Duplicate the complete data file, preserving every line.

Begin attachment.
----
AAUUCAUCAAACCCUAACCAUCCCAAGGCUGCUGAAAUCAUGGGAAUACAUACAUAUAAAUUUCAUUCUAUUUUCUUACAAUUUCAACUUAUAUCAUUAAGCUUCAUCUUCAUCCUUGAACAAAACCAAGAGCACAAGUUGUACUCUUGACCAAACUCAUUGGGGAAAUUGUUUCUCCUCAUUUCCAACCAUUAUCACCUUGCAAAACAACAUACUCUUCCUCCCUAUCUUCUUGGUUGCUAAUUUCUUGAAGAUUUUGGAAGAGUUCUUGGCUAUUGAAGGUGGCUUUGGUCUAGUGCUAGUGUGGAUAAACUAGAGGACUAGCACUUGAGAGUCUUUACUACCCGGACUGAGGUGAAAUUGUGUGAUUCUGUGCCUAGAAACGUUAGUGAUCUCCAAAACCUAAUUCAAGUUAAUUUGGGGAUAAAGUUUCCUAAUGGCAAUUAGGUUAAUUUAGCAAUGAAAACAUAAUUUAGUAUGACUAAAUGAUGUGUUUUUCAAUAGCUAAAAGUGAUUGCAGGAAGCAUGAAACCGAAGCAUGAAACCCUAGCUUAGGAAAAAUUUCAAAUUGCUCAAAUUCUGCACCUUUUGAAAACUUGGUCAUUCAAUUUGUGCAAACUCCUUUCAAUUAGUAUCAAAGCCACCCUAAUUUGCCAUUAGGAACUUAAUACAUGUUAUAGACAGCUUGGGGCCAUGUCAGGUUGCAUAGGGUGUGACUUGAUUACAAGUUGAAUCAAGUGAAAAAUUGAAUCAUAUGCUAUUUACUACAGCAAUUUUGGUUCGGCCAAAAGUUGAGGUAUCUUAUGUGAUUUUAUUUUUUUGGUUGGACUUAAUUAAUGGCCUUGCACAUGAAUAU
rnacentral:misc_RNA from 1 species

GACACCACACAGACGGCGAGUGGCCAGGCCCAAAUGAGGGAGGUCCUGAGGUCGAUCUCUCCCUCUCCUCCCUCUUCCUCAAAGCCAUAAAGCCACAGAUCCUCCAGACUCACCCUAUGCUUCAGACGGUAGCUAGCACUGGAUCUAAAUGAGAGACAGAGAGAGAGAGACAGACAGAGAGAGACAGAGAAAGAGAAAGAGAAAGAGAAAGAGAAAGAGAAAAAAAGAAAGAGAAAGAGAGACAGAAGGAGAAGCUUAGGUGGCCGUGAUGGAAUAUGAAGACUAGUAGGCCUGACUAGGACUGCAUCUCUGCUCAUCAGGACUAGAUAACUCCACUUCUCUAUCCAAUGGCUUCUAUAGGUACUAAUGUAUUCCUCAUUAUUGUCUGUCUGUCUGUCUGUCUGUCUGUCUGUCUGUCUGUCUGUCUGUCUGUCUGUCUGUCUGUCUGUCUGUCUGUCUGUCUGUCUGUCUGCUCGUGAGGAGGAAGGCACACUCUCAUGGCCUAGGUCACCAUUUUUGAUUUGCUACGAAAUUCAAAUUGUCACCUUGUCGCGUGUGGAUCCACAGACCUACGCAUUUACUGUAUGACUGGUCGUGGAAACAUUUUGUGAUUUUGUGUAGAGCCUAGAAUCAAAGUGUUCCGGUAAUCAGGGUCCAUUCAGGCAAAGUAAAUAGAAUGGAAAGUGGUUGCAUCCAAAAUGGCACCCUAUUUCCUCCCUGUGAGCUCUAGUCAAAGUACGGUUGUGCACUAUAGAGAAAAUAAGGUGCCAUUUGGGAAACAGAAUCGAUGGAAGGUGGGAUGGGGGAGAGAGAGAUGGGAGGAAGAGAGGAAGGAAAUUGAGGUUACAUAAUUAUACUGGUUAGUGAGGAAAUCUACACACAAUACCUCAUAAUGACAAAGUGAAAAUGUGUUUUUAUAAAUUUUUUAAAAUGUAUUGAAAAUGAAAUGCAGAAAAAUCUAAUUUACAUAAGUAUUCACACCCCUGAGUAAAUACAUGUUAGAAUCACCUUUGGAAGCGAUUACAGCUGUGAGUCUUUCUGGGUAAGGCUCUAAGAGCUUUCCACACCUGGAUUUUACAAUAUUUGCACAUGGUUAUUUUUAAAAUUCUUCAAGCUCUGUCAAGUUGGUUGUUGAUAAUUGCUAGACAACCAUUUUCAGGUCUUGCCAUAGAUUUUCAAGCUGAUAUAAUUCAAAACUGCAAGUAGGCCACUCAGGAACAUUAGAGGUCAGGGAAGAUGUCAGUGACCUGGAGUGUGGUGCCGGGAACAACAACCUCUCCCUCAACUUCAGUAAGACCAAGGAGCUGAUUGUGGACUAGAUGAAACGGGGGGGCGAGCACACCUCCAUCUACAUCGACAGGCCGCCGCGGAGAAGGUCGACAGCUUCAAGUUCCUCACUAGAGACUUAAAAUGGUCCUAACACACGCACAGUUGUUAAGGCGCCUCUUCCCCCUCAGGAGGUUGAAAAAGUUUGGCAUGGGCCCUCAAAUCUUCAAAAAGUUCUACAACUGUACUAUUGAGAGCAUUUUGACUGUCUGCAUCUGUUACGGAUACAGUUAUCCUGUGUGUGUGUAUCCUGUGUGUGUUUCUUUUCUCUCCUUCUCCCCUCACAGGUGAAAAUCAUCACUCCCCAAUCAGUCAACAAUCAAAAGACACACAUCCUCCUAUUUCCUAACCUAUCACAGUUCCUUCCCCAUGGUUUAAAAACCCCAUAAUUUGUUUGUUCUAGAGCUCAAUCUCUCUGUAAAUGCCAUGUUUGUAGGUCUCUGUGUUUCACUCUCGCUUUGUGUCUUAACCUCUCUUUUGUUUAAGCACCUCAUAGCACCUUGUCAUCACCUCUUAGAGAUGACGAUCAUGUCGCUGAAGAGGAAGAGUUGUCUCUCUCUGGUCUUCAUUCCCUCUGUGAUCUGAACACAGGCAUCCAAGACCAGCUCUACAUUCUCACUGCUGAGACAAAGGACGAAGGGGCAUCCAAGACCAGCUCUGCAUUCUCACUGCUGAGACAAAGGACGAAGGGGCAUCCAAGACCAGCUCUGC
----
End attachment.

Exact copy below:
AAUUCAUCAAACCCUAACCAUCCCAAGGCUGCUGAAAUCAUGGGAAUACAUACAUAUAAAUUUCAUUCUAUUUUCUUACAAUUUCAACUUAUAUCAUUAAGCUUCAUCUUCAUCCUUGAACAAAACCAAGAGCACAAGUUGUACUCUUGACCAAACUCAUUGGGGAAAUUGUUUCUCCUCAUUUCCAACCAUUAUCACCUUGCAAAACAACAUACUCUUCCUCCCUAUCUUCUUGGUUGCUAAUUUCUUGAAGAUUUUGGAAGAGUUCUUGGCUAUUGAAGGUGGCUUUGGUCUAGUGCUAGUGUGGAUAAACUAGAGGACUAGCACUUGAGAGUCUUUACUACCCGGACUGAGGUGAAAUUGUGUGAUUCUGUGCCUAGAAACGUUAGUGAUCUCCAAAACCUAAUUCAAGUUAAUUUGGGGAUAAAGUUUCCUAAUGGCAAUUAGGUUAAUUUAGCAAUGAAAACAUAAUUUAGUAUGACUAAAUGAUGUGUUUUUCAAUAGCUAAAAGUGAUUGCAGGAAGCAUGAAACCGAAGCAUGAAACCCUAGCUUAGGAAAAAUUUCAAAUUGCUCAAAUUCUGCACCUUUUGAAAACUUGGUCAUUCAAUUUGUGCAAACUCCUUUCAAUUAGUAUCAAAGCCACCCUAAUUUGCCAUUAGGAACUUAAUACAUGUUAUAGACAGCUUGGGGCCAUGUCAGGUUGCAUAGGGUGUGACUUGAUUACAAGUUGAAUCAAGUGAAAAAUUGAAUCAUAUGCUAUUUACUACAGCAAUUUUGGUUCGGCCAAAAGUUGAGGUAUCUUAUGUGAUUUUAUUUUUUUGGUUGGACUUAAUUAAUGGCCUUGCACAUGAAUAU
rnacentral:misc_RNA from 1 species

GACACCACACAGACGGCGAGUGGCCAGGCCCAAAUGAGGGAGGUCCUGAGGUCGAUCUCUCCCUCUCCUCCCUCUUCCUCAAAGCCAUAAAGCCACAGAUCCUCCAGACUCACCCUAUGCUUCAGACGGUAGCUAGCACUGGAUCUAAAUGAGAGACAGAGAGAGAGAGACAGACAGAGAGAGACAGAGAAAGAGAAAGAGAAAGAGAAAGAGAAAGAGAAAAAAAGAAAGAGAAAGAGAGACAGAAGGAGAAGCUUAGGUGGCCGUGAUGGAAUAUGAAGACUAGUAGGCCUGACUAGGACUGCAUCUCUGCUCAUCAGGACUAGAUAACUCCACUUCUCUAUCCAAUGGCUUCUAUAGGUACUAAUGUAUUCCUCAUUAUUGUCUGUCUGUCUGUCUGUCUGUCUGUCUGUCUGUCUGUCUGUCUGUCUGUCUGUCUGUCUGUCUGUCUGUCUGUCUGUCUGUCUGUCUGCUCGUGAGGAGGAAGGCACACUCUCAUGGCCUAGGUCACCAUUUUUGAUUUGCUACGAAAUUCAAAUUGUCACCUUGUCGCGUGUGGAUCCACAGACCUACGCAUUUACUGUAUGACUGGUCGUGGAAACAUUUUGUGAUUUUGUGUAGAGCCUAGAAUCAAAGUGUUCCGGUAAUCAGGGUCCAUUCAGGCAAAGUAAAUAGAAUGGAAAGUGGUUGCAUCCAAAAUGGCACCCUAUUUCCUCCCUGUGAGCUCUAGUCAAAGUACGGUUGUGCACUAUAGAGAAAAUAAGGUGCCAUUUGGGAAACAGAAUCGAUGGAAGGUGGGAUGGGGGAGAGAGAGAUGGGAGGAAGAGAGGAAGGAAAUUGAGGUUACAUAAUUAUACUGGUUAGUGAGGAAAUCUACACACAAUACCUCAUAAUGACAAAGUGAAAAUGUGUUUUUAUAAAUUUUUUAAAAUGUAUUGAAAAUGAAAUGCAGAAAAAUCUAAUUUACAUAAGUAUUCACACCCCUGAGUAAAUACAUGUUAGAAUCACCUUUGGAAGCGAUUACAGCUGUGAGUCUUUCUGGGUAAGGCUCUAAGAGCUUUCCACACCUGGAUUUUACAAUAUUUGCACAUGGUUAUUUUUAAAAUUCUUCAAGCUCUGUCAAGUUGGUUGUUGAUAAUUGCUAGACAACCAUUUUCAGGUCUUGCCAUAGAUUUUCAAGCUGAUAUAAUUCAAAACUGCAAGUAGGCCACUCAGGAACAUUAGAGGUCAGGGAAGAUGUCAGUGACCUGGAGUGUGGUGCCGGGAACAACAACCUCUCCCUCAACUUCAGUAAGACCAAGGAGCUGAUUGUGGACUAGAUGAAACGGGGGGGCGAGCACACCUCCAUCUACAUCGACAGGCCGCCGCGGAGAAGGUCGACAGCUUCAAGUUCCUCACUAGAGACUUAAAAUGGUCCUAACACACGCACAGUUGUUAAGGCGCCUCUUCCCCCUCAGGAGGUUGAAAAAGUUUGGCAUGGGCCCUCAAAUCUUCAAAAAGUUCUACAACUGUACUAUUGAGAGCAUUUUGACUGUCUGCAUCUGUUACGGAUACAGUUAUCCUGUGUGUGUGUAUCCUGUGUGUGUUUCUUUUCUCUCCUUCUCCCCUCACAGGUGAAAAUCAUCACUCCCCAAUCAGUCAACAAUCAAAAGACACACAUCCUCCUAUUUCCUAACCUAUCACAGUUCCUUCCCCAUGGUUUAAAAACCCCAUAAUUUGUUUGUUCUAGAGCUCAAUCUCUCUGUAAAUGCCAUGUUUGUAGGUCUCUGUGUUUCACUCUCGCUUUGUGUCUUAACCUCUCUUUUGUUUAAGCACCUCAUAGCACCUUGUCAUCACCUCUUAGAGAUGACGAUCAUGUCGCUGAAGAGGAAGAGUUGUCUCUCUCUGGUCUUCAUUCCCUCUGUGAUCUGAACACAGGCAUCCAAGACCAGCUCUACAUUCUCACUGCUGAGACAAAGGACGAAGGGGCAUCCAAGACCAGCUCUGCAUUCUCACUGCUGAGACAAAGGACGAAGGGGCAUCCAAGACCAGCUCUGC